• Internet Radio – listen to 100s of US radio stations while you cook.
  • Web Browser – check Facebook, Twitter or even search recipes online using Google
  • There is a built in SD card port and spot for a USB memory stick. With these, you can fill a memory card with music or videos to help make cooking enjoyable in the kitchen. I watched an episode of America’s Test Kitchen while cooking and it worked great!
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These additional features make the QOOQ so much more than just a digital cookbook. It truly is a mini computer and I found myself regularly looking at new emails, checking sport scores, listening to music and reading my newsfeed in Facebook.

After writing all this, it leaves one big question. Is the QOOQ tablet worth it? That is a difficult question to answer. I personally think that the QOOQ tablet is an excellent device and truly is perfect for anyone spending lots of time in the kitchen. There are so many features that I know I will use regularly, including emailing myself a grocery list, to listening to internet radio and more. But, at $399, the QOOQ tablet is not cheap and  then, having to spend even more money on recipes hurts, especially considering that many of them are quite different to typical North American cuisine. If the QOOQ was able to introduce many American recipes and reduce the additional cost of buying individual recipes, I think that the QOOQ tablet would become a MUST HAVE for any foodie. As it is, the QOOQ tablet is an excellent device that is a luxury item for the home cook.

To find out more about the QOOQ or to place an order for one, check out their website here.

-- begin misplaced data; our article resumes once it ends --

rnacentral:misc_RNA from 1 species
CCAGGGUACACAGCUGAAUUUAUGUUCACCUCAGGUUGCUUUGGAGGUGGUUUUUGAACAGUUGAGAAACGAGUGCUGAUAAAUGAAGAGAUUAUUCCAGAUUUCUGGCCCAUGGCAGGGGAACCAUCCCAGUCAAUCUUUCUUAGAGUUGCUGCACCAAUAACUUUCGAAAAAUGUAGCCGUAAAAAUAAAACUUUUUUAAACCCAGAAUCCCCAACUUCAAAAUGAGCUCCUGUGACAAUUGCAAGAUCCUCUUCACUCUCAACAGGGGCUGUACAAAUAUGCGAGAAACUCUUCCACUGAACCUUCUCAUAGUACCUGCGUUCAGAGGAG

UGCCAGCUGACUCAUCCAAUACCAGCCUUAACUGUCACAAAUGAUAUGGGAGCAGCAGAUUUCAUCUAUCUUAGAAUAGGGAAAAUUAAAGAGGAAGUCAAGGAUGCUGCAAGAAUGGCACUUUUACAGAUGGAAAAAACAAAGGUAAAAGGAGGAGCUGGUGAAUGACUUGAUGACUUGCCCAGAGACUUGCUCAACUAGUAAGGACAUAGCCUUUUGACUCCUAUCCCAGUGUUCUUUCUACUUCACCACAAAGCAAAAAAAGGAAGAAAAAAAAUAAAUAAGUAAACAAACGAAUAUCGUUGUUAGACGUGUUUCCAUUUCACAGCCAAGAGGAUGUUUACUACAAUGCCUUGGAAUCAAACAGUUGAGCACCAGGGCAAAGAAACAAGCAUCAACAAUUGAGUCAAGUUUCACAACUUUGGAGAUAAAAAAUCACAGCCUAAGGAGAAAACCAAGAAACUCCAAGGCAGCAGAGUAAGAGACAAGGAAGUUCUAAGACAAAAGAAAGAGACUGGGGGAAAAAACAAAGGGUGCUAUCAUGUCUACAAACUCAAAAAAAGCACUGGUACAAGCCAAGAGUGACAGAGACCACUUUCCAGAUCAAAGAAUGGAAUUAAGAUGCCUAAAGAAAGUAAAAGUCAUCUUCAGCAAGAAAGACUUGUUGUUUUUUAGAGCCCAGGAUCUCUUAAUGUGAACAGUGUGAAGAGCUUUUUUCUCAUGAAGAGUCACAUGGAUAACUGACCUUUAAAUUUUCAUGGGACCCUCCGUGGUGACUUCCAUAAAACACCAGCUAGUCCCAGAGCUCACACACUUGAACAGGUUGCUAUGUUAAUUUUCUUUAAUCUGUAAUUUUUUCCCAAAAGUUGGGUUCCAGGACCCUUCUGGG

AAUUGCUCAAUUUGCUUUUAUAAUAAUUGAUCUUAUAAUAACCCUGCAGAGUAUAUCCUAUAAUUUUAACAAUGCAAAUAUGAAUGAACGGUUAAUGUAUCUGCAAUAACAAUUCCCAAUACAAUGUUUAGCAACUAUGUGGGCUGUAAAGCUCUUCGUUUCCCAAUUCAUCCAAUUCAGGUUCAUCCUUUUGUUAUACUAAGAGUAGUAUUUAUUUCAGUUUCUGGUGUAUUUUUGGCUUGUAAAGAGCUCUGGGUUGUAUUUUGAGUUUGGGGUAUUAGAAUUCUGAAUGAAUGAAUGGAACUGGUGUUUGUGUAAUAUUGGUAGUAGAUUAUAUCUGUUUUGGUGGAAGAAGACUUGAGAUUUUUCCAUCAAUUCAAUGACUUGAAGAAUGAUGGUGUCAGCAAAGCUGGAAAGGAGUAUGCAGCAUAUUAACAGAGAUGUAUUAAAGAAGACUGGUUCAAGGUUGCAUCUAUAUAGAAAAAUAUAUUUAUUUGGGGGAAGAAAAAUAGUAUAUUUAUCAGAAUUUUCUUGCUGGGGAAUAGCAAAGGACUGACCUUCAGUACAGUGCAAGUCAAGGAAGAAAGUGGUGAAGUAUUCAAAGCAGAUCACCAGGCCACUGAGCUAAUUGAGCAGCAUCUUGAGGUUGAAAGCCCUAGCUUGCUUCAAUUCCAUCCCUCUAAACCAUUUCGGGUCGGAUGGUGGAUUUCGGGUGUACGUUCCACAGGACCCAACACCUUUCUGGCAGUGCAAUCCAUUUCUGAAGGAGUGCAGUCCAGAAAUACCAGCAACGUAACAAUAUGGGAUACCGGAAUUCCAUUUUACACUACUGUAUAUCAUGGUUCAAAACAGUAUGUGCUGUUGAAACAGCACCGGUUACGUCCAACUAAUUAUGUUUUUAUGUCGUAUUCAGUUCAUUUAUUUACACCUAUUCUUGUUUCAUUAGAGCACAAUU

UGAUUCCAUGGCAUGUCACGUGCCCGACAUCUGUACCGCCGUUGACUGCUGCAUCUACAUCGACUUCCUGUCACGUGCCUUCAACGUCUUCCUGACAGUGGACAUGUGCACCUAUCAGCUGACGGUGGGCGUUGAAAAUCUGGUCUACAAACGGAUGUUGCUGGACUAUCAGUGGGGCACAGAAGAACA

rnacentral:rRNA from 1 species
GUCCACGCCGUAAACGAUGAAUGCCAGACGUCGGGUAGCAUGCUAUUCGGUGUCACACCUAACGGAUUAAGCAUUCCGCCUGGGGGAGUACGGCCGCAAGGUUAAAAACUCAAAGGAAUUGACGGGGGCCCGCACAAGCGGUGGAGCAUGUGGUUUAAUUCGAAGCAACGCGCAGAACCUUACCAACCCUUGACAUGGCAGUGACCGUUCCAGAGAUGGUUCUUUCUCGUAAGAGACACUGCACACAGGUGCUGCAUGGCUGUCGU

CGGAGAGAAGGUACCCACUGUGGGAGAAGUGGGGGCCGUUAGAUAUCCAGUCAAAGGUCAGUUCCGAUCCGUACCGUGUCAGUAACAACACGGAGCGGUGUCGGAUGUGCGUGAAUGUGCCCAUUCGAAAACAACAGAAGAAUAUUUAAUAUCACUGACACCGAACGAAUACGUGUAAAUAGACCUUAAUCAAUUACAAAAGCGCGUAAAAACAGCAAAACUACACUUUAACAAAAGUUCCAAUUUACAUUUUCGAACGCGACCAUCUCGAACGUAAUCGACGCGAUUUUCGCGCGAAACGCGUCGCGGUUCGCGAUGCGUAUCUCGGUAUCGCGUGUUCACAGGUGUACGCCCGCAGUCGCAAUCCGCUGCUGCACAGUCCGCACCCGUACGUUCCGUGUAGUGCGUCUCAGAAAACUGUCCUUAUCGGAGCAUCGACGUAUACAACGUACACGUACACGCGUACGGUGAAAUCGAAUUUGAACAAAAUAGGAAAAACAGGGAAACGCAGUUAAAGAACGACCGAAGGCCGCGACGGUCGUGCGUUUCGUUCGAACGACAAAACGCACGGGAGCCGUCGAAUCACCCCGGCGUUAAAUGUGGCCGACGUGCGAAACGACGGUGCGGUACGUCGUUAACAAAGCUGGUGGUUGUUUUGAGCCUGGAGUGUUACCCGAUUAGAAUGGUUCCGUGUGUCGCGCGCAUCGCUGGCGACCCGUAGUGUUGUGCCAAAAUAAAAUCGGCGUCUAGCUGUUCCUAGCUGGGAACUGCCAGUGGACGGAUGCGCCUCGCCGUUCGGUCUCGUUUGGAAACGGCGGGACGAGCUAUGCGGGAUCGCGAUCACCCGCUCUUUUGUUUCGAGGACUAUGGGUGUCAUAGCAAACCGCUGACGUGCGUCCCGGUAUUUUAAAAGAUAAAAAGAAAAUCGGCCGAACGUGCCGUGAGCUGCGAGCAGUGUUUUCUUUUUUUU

Disclaimer: QOOQ provided me with the QOOQ tablet. They did not pay me for this review and the views expressed above are my honest reactions after trying the QOOQ tablet.

About Steve Cylka

Steve is the author of The Black Peppercorn. He is a recipe developer and food photographer. His recipes have been featured on websites like Bradley Smoker, Times Picayune, Buzzfeed, and Basil & Salt. He has also authored and co-authored a couple cookbooks.


  1. The problem I see with this is that they could have provided virtually the entire experience by writing an iOS, Android or web app for a fraction of the cost.

    The only extra benefit this appears to provide is some ruggedness for the kitchen environment, but that can probably also be achieved for a mainstream tablet with a suitable case.

    Aside from that, there’s no way they can keep up with Apple and the various Android-based tablet manufacturers on hardware (look how thick it is! I bet it’s heavy) or software quality (no app store?). This might be useful for someone who doesn’t already have a tablet or laptop but for anyone else, it just seems like a subpar, expensive piece of hardware for the sake of one app.

    And while the content looks great and I haven’t personally browsed the selection of recipes, I think blogs (like this one 🙂 ) probably provide more interesting recipes. If they could provide a way to apply some of their features like ingredient tracking to general internet content without forcing a user to copy&paste recipes, that would be really useful. But again, that only requires software, not a custom piece of hardware.